I recently had the opportunity to attend and speak at SCaLE 15x in Pasadena, and it was an awesome experience. Read on for an overview of all the great talks I got a chance to see!
There are really three components to a great conference experience. Obviously, the talks that are selected are going to play a big part in how good the conference is -- but the less obvious factors of the conference location and venue as well as the other conference attendees are also going to play a huge part in the quality of the conference.
SCaLE 15x was held at the Pasadena Convention Center, which is located in the heart of Pasadena. It was fantastically walkable from the two recommended conference hotels, and very conveniently located right across the street from a number of awesome places to eat and/or enjoy a coffee or beer. Signage was abundant, and despite talks being split across two distinct buildings, it was easy to figure out what was going on where.
Generally during a conference, I'll end up making one restaurant or bar my unofficial "home base" for lunch and/or evening activities, and SCaLE was no exception. I ended up at the Dog Haus just a few blocks west of the venue. They had a pretty good tap list (I mean, for a place outside Oregon cough) and cooked up an excellent variety of sausages. I'm already looking forward to my next return trip.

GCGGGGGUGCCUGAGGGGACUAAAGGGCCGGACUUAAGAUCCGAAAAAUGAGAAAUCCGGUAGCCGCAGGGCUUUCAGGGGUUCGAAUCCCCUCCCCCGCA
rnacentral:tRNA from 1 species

As I mentioned, the second component of any great conference is who you end up attending with. I was fortunate in that I had a number of old friends attending, but I was able to meet a fantastic set of new folks as well. People will frequently tell you the "hallway track" is the most important part of any conference, and in my experience, this is absolutely true. I spent just as much time hanging out, talking to folks, and meeting new people as I did attending talks, and I think my SCaLE experience was all the better for that decision.
Finally, the main attraction! SCaLE's schedule was a little unusual, relative to other conferences I've attended in the past, and it wasn't until about halfway through the 4 days of the conference that I figured out that the first 2 days had been designed as a series of independently run "mini-conferences".
Not much in the topics of those mini-conferences really grabbed me (and I may have been catching up with some old friends as well as putting the finishing touches on my own talk at that point), but I did catch Nathan Harvey's "DevOps?! That's Not My Job!" talk on Friday. Nathan did a great job of using humor to point out why devops is sort of everybody's problem when developing software.
Unlike the miniconf-driven Thursday and Friday, Saturday and Sunday were more of the "main event". The conference hall was in full swing, the number of attendees seemed to double or even triple, and there was a constant buzz of conversation in the halls.
Saturday, I attended VM Brasseur's "Passing the Baton: Succession planning for FOSS leadership" talk (video), which is a fantastic overview of an issue all successful Open Source projects have, and which very few are thinking about or preparing for.